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Anti-TNFs

The anti-TNF drugs were the first of the biologic drugs to be introduced for RA, the first of which came in 1999. They work by targeting the ‘TNFα’ cells.  

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Background  

The anti-TNF drugs were the first of the biologic drugs to be introduced for RA, starting with infliximab, in 1999. They are expensive to develop and produce therefore had to go through appraisal by the National Institute for Health and Care Excellence (NICE), who determine whether or not such new medicines are cost-effective and clinically effective for use in the NHS. NICE also determined the eligibility criteria to allow people access to such high-cost medicines and the appropriate clinical pathway of medicine use. Therefore, not everyone has access to them if they don’t meet the criteria due to their disease severity and response to standard disease-modifying medications.  

How do they work?  

RA is an auto-immune disease, meaning that the body’s own immune system is attacking the body (in the case of RA, by attacking the lining of the joints). Biologic drugs work by targeting proteins called cytokines, which are responsible for the inflammation caused by the immune system’s response. In the case of ‘anti-TNF’ drugs, the cytokines being targeted are called ‘TNF’ (Tumour Necrosis Factor-alpha). Here is a list of the current anti-TNF medications available both originator and biosimilar version.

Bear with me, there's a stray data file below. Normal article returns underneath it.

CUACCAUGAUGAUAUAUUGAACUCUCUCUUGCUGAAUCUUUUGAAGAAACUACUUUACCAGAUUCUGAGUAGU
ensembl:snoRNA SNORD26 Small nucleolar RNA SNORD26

Original Biologic drug Biosimilars (up-to-date at time of printing- not all may be available in the UK) Method of administration 
Adalimumab (Humira) Hyrimoz, Imraldi, Hulio Amjevita, Cyltezo subcutaneous (under the skin) injection every other week 
Certolizumab pegol (Cimzia) N/A subcutaneous injection at weeks 0, 2 and 4 (given as two injections), and then one injection every other week thereafter 
Etanercept (Enbrel) Benepali, Erelzi subcutaneous injection, once or twice a week 
Golimumab (Simponi) N/A monthly by subcutaneous injection 
Infliximab (Remicade) Remsima, Inflectra, Flixabi intravenous infusion, repeated 2 weeks and 6 weeks after the first infusion, then every 8 weeks 
Summary table of anti-TNF drugs

 
Most commonly reported side effects